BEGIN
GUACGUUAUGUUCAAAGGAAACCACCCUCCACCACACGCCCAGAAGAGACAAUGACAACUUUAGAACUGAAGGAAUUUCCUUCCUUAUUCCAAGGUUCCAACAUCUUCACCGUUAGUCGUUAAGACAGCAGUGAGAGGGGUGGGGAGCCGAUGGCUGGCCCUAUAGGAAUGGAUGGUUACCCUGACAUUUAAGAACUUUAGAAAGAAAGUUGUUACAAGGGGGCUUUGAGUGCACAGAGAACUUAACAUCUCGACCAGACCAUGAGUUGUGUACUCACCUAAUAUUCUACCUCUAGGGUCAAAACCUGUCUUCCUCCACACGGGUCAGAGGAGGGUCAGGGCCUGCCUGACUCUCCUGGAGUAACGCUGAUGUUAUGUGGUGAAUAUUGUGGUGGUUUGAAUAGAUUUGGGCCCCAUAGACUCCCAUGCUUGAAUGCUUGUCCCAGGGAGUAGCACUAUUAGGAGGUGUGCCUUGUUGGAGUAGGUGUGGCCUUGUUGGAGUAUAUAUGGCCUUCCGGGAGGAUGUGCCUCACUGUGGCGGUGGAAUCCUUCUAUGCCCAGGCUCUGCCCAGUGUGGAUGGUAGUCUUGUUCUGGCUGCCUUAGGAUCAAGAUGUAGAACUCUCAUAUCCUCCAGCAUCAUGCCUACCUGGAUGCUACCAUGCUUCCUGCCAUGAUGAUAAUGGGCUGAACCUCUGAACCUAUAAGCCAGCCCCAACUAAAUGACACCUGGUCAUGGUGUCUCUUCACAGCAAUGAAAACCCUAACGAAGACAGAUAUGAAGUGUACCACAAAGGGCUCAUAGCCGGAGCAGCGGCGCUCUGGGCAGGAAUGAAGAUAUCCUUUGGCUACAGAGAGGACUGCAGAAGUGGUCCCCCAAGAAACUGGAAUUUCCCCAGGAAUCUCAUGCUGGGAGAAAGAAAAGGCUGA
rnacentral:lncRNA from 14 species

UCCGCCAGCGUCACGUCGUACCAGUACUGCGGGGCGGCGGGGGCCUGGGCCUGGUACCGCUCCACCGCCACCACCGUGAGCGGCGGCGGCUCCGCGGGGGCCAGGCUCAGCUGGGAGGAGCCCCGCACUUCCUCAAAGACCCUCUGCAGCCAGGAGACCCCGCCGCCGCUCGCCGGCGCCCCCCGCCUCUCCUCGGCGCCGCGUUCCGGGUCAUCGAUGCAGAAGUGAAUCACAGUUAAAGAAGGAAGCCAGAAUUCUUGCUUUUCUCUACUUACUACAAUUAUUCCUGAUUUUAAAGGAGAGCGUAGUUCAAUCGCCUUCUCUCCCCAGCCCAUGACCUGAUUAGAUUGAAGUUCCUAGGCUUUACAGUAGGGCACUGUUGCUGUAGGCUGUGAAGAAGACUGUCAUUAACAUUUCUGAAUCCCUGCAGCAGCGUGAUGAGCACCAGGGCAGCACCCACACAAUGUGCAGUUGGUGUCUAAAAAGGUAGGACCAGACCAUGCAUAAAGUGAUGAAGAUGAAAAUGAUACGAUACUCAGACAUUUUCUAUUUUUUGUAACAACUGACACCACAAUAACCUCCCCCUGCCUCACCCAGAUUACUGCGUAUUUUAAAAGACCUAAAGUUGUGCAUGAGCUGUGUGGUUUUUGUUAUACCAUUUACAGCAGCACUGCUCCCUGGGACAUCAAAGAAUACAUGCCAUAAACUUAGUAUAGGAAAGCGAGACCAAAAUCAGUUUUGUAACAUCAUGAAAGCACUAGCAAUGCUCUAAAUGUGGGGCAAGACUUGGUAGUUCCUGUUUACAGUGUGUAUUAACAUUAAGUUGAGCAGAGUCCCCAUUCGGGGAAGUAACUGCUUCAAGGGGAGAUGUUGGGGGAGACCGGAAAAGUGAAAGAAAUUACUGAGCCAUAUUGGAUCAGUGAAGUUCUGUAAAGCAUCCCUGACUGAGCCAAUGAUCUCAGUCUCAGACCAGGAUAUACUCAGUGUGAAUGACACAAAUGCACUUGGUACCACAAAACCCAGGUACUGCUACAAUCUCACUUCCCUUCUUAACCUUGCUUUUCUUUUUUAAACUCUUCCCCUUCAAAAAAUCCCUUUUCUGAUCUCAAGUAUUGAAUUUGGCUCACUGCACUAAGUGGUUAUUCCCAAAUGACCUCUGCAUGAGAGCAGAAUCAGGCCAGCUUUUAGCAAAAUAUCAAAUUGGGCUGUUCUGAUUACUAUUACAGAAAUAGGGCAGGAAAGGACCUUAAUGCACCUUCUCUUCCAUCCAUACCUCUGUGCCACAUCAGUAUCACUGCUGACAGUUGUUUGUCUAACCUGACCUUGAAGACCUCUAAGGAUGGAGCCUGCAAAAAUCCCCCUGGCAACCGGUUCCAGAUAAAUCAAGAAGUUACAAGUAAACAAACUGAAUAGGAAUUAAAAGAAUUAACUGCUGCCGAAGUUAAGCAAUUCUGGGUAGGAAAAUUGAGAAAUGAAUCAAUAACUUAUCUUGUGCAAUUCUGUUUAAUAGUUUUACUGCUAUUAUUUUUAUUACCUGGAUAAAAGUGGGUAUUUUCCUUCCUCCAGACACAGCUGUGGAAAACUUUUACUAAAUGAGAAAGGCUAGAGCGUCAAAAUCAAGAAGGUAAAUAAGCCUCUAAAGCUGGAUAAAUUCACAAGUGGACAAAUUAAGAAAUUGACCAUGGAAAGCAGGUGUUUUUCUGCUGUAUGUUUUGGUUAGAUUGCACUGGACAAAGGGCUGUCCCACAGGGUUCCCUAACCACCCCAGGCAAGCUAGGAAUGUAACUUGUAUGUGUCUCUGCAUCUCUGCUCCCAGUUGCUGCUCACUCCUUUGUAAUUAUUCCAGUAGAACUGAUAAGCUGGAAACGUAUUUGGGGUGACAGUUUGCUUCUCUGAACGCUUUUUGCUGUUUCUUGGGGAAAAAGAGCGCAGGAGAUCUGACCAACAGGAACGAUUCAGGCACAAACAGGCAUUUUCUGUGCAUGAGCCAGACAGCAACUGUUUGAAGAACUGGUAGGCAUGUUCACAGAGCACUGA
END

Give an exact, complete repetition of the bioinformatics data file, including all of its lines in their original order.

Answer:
GUACGUUAUGUUCAAAGGAAACCACCCUCCACCACACGCCCAGAAGAGACAAUGACAACUUUAGAACUGAAGGAAUUUCCUUCCUUAUUCCAAGGUUCCAACAUCUUCACCGUUAGUCGUUAAGACAGCAGUGAGAGGGGUGGGGAGCCGAUGGCUGGCCCUAUAGGAAUGGAUGGUUACCCUGACAUUUAAGAACUUUAGAAAGAAAGUUGUUACAAGGGGGCUUUGAGUGCACAGAGAACUUAACAUCUCGACCAGACCAUGAGUUGUGUACUCACCUAAUAUUCUACCUCUAGGGUCAAAACCUGUCUUCCUCCACACGGGUCAGAGGAGGGUCAGGGCCUGCCUGACUCUCCUGGAGUAACGCUGAUGUUAUGUGGUGAAUAUUGUGGUGGUUUGAAUAGAUUUGGGCCCCAUAGACUCCCAUGCUUGAAUGCUUGUCCCAGGGAGUAGCACUAUUAGGAGGUGUGCCUUGUUGGAGUAGGUGUGGCCUUGUUGGAGUAUAUAUGGCCUUCCGGGAGGAUGUGCCUCACUGUGGCGGUGGAAUCCUUCUAUGCCCAGGCUCUGCCCAGUGUGGAUGGUAGUCUUGUUCUGGCUGCCUUAGGAUCAAGAUGUAGAACUCUCAUAUCCUCCAGCAUCAUGCCUACCUGGAUGCUACCAUGCUUCCUGCCAUGAUGAUAAUGGGCUGAACCUCUGAACCUAUAAGCCAGCCCCAACUAAAUGACACCUGGUCAUGGUGUCUCUUCACAGCAAUGAAAACCCUAACGAAGACAGAUAUGAAGUGUACCACAAAGGGCUCAUAGCCGGAGCAGCGGCGCUCUGGGCAGGAAUGAAGAUAUCCUUUGGCUACAGAGAGGACUGCAGAAGUGGUCCCCCAAGAAACUGGAAUUUCCCCAGGAAUCUCAUGCUGGGAGAAAGAAAAGGCUGA
rnacentral:lncRNA from 14 species

UCCGCCAGCGUCACGUCGUACCAGUACUGCGGGGCGGCGGGGGCCUGGGCCUGGUACCGCUCCACCGCCACCACCGUGAGCGGCGGCGGCUCCGCGGGGGCCAGGCUCAGCUGGGAGGAGCCCCGCACUUCCUCAAAGACCCUCUGCAGCCAGGAGACCCCGCCGCCGCUCGCCGGCGCCCCCCGCCUCUCCUCGGCGCCGCGUUCCGGGUCAUCGAUGCAGAAGUGAAUCACAGUUAAAGAAGGAAGCCAGAAUUCUUGCUUUUCUCUACUUACUACAAUUAUUCCUGAUUUUAAAGGAGAGCGUAGUUCAAUCGCCUUCUCUCCCCAGCCCAUGACCUGAUUAGAUUGAAGUUCCUAGGCUUUACAGUAGGGCACUGUUGCUGUAGGCUGUGAAGAAGACUGUCAUUAACAUUUCUGAAUCCCUGCAGCAGCGUGAUGAGCACCAGGGCAGCACCCACACAAUGUGCAGUUGGUGUCUAAAAAGGUAGGACCAGACCAUGCAUAAAGUGAUGAAGAUGAAAAUGAUACGAUACUCAGACAUUUUCUAUUUUUUGUAACAACUGACACCACAAUAACCUCCCCCUGCCUCACCCAGAUUACUGCGUAUUUUAAAAGACCUAAAGUUGUGCAUGAGCUGUGUGGUUUUUGUUAUACCAUUUACAGCAGCACUGCUCCCUGGGACAUCAAAGAAUACAUGCCAUAAACUUAGUAUAGGAAAGCGAGACCAAAAUCAGUUUUGUAACAUCAUGAAAGCACUAGCAAUGCUCUAAAUGUGGGGCAAGACUUGGUAGUUCCUGUUUACAGUGUGUAUUAACAUUAAGUUGAGCAGAGUCCCCAUUCGGGGAAGUAACUGCUUCAAGGGGAGAUGUUGGGGGAGACCGGAAAAGUGAAAGAAAUUACUGAGCCAUAUUGGAUCAGUGAAGUUCUGUAAAGCAUCCCUGACUGAGCCAAUGAUCUCAGUCUCAGACCAGGAUAUACUCAGUGUGAAUGACACAAAUGCACUUGGUACCACAAAACCCAGGUACUGCUACAAUCUCACUUCCCUUCUUAACCUUGCUUUUCUUUUUUAAACUCUUCCCCUUCAAAAAAUCCCUUUUCUGAUCUCAAGUAUUGAAUUUGGCUCACUGCACUAAGUGGUUAUUCCCAAAUGACCUCUGCAUGAGAGCAGAAUCAGGCCAGCUUUUAGCAAAAUAUCAAAUUGGGCUGUUCUGAUUACUAUUACAGAAAUAGGGCAGGAAAGGACCUUAAUGCACCUUCUCUUCCAUCCAUACCUCUGUGCCACAUCAGUAUCACUGCUGACAGUUGUUUGUCUAACCUGACCUUGAAGACCUCUAAGGAUGGAGCCUGCAAAAAUCCCCCUGGCAACCGGUUCCAGAUAAAUCAAGAAGUUACAAGUAAACAAACUGAAUAGGAAUUAAAAGAAUUAACUGCUGCCGAAGUUAAGCAAUUCUGGGUAGGAAAAUUGAGAAAUGAAUCAAUAACUUAUCUUGUGCAAUUCUGUUUAAUAGUUUUACUGCUAUUAUUUUUAUUACCUGGAUAAAAGUGGGUAUUUUCCUUCCUCCAGACACAGCUGUGGAAAACUUUUACUAAAUGAGAAAGGCUAGAGCGUCAAAAUCAAGAAGGUAAAUAAGCCUCUAAAGCUGGAUAAAUUCACAAGUGGACAAAUUAAGAAAUUGACCAUGGAAAGCAGGUGUUUUUCUGCUGUAUGUUUUGGUUAGAUUGCACUGGACAAAGGGCUGUCCCACAGGGUUCCCUAACCACCCCAGGCAAGCUAGGAAUGUAACUUGUAUGUGUCUCUGCAUCUCUGCUCCCAGUUGCUGCUCACUCCUUUGUAAUUAUUCCAGUAGAACUGAUAAGCUGGAAACGUAUUUGGGGUGACAGUUUGCUUCUCUGAACGCUUUUUGCUGUUUCUUGGGGAAAAAGAGCGCAGGAGAUCUGACCAACAGGAACGAUUCAGGCACAAACAGGCAUUUUCUGUGCAUGAGCCAGACAGCAACUGUUUGAAGAACUGGUAGGCAUGUUCACAGAGCACUGA